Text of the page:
Even more unconventional is the attitude Dan brings to a race, a persona that birthed a fitting nickname. “We’re always sort of messing around at the start-line which is, once again, very atypical for a rowing team,” Dan said.
“I have been known to call out a couple ‘yee-haws’ during the middle of a race.” Complete with a cowboy hat to boot, he has been called “Cowboy Dan” since early on in his freshman year here, a nickname he seems to wear proudly.
Perhaps the most incredible feat in Dan’s Marist career is the health and physical shape he has maintained despite the grueling training for both crew and ROTC. Woods echoed his admiration for Arrato’s durability. “The ability to train and train and train, do all the ROTC stuff on top of this and never have injuries and consistently be improving all the time – it’s hard to do but it’s also just a physical durability which is cool,” he said. “Not everybody has it.”
He’s absolutely right; not everybody is able to do what Dan Arrato does. In fact, very few are.
Even in setting up the interview to write this story, he nearly exhausted me simply by divulging his schedule for the early morning. Dan told me he could meet me at 8:15 a.m., right after practice and before his ROTC lab class at 9:00 a.m. Of course, this was all before the majority of the campus was even awake.
You might recognize a massive, blue pickup truck rolling through the Marist campus. That is Cowboy Dan’s distinctive vehicle. After our interview in the boathouse was finished, Dan offered me a ride back to the main campus. That’s the kind of guy he is. As I struggled to hoist myself into the cabin of the truck, I noticed his infamous cowboy hat resting on the passenger seat. It was at this moment that all the different pieces of his personality and character came together for me. He’s an athlete in one of the most graceful sports, yet he’s training for an Army career. He’s from Connecticut, yet he is practically a real life cowboy. And he’s a model individual without sacrificing an outgoing soul.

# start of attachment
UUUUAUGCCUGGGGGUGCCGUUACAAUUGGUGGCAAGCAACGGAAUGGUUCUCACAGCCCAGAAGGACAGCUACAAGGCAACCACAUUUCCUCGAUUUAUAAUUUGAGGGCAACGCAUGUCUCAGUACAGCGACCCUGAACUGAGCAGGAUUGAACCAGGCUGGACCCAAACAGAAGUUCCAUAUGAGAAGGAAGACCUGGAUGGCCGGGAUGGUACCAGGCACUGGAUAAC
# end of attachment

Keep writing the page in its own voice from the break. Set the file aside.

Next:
After graduation, Dan is taking the obvious next step for his career — becoming an Army Combat Engineer…in Fort Wainwright, Alaska. He’ll still be amongst a populated city in Fairbanks, though it is a city close enough to the Arctic Circle that day tours are available.
“It’ll be a little bit different than my hometown in Connecticut. I like snowmobiling though!” Of course he does. They make noise and have a motor.
Dan is grateful to his parents and both of his “teams” in rowing and ROTC for motivating him and helping him achieve two of his main passions at a high level. He claimed proudly that everything he has done “has definitely made me the insane individual I like to think I’ve become.”
A man of many talents and passions, and without question a man who will approach all his future endeavors with an enthusiastic, “Yeehaw!”
Edited by the Center Field Editorial Team.
Header image by Kristin Flanigan.